Australians plan for a thrifty FY21 after COVID-19 hit


Heather McGovern

With the nation in its first recession in 29 years, Australians are resolving to be better money managers this new financial year, according to new research from MyState Bank.

MyState Bank asked more than 1,000 Australians what their biggest financial resolutions and concerns are coming into the new financial year (FY21). Overwhelmingly, the research found that more than four in 10 Australians (44%) are resolving to rein in spending on discretionary items over the next six months.

More than half of Australians have shelved travel plans over the next six months despite interstate borders likely to open for domestic travel. Other major areas where consumers are resolving to spend less over coming months include public transportation (43%), home furnishings and décor (38%), food takeout and delivery services such as UberEats and Deliveroo (38%) and clothing and footwear (36%).

Surprisingly, gym memberships are also on the chopping block with more than four in 10 Australians planning to cut back the costs of working out. Meanwhile, Australians are also kicking their vices to the curb with 44% and 35% reducing their gambling along with their alcohol and cigarettes spend, respectively.

According to the MyState Bank research, groceries and household utilities are the only two categories likely to see major increases in consumer spending over the next six months with around a quarter of Australians saying they will spend more respectively.

“For many Australians, the introduction of social distancing measures has been an opportunity to save more than ever before on expenses from public transport to dining out at restaurants,” said Heather McGovern, MyState Bank General Manager, Customer Experience.

“Being isolated has also compelled more Australians to consider new and more innovative and cost-efficient ways of doing things, like swapping out memberships at physical gyms for fitness apps. Our research indicates that Australians are likely to prolong their savvier spending habits even after social distancing measures have lifted.”

“At this time of economic uncertainty, we are pleased to see Australians cutting back wherever they can to find a greater sense of financial balance.”

Among the nation’s most common new financial year resolutions were starting and maintaining a budget which over a third of Australians pledged to do. Meanwhile, building an emergency fund and haggling providers for a better deal on big household bills was a key goal for more than one in five Australians, respectively.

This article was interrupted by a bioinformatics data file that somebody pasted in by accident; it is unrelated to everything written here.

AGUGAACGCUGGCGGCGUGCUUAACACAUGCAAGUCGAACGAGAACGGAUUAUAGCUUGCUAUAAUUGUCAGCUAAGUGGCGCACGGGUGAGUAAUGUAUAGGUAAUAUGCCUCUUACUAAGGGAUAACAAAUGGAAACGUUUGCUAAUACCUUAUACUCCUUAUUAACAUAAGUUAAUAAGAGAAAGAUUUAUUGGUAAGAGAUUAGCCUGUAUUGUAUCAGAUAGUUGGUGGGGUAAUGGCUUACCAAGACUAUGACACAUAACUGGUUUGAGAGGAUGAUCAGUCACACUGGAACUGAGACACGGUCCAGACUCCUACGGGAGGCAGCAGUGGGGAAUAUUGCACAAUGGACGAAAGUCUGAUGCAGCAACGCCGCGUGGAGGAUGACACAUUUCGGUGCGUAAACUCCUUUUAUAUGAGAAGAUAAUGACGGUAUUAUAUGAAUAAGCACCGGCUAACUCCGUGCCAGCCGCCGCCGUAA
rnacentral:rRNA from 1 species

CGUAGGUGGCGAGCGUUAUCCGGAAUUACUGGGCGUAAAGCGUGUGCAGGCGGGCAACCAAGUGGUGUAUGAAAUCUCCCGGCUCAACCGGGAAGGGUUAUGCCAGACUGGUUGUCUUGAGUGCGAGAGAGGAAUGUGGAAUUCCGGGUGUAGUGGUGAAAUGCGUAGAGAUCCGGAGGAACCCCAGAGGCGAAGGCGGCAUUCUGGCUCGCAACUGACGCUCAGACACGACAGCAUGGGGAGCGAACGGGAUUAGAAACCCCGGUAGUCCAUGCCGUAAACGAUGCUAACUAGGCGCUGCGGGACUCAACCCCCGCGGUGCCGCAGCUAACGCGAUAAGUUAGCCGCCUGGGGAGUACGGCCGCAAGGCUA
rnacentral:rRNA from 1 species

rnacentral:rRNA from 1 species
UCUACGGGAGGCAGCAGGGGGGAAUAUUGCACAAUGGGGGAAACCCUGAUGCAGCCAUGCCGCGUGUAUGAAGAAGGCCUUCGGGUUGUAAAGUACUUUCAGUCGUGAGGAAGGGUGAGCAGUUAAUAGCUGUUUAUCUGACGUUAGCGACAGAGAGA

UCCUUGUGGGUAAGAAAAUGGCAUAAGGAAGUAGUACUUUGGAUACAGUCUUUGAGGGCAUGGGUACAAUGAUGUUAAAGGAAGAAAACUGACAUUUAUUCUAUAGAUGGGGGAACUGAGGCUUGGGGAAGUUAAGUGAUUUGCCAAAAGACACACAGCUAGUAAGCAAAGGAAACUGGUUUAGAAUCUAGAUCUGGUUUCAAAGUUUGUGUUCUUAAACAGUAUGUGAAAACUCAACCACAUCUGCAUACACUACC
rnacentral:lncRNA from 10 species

Economic outlook tops Australians’ major financial concerns

MyState Bank’s research found that overwhelmingly, the nation’s economic outlook continues to be the major concern for 67% of Australians heading into the new financial year. The research found more than four in 10 Australians reported concern with not having enough savings while 26% of Australians are equally concerned with the employment outlook and slow wage growth.

“While recovery is well underway, the majority of Australians expect long-lasting effects on the economy from COVID-19,” said Ms McGovern said. “With economic growth likely to be in the red over the coming quarter, there are a few steps Australians can take to give them confidence to navigate the future economic uncertainty.”

Here are MyState Bank’s tips on how to find a greater sense of financial balance:

  • Paying down any high-interest accruing outstanding debt such as your credit card balance is crucial to create some breathing room in your monthly budget. Not having huge debt is also likely to give you some peace of mind if you are worried about the uncertain job market.
  • While a vacation to Europe seemed likely at the start of the year, the new financial year may cause a reprioritisation of savings goals. Perhaps that money might be better placed towards a longer-term goal such an emergency savings fund.
  • Given many Australians will be cutting back on workout expenses, swap out your gym buddy for a “financial buddy” to help you conquer your financial goals. Start by having a frank conversation with a close and trusted friend who will motivate you and keep you on track while you work towards hitting your financial benchmark – and, of course, you do the same for them.
  • Keep the good financial habits – many Australians have been able to reduce their spending during lockdown – for example, having more dinners at home rather than eating out or being active by going for a walk or bike ride rather than going to the shops.
  • Most importantly, being in a recession means living within your means. Do a financial audit to separate your wants from your needs and work out where to cut back. Review all your expenses from your electricity bill to your video streaming subscription – there are often real savings to be made with little impact to your ‘lived life’.

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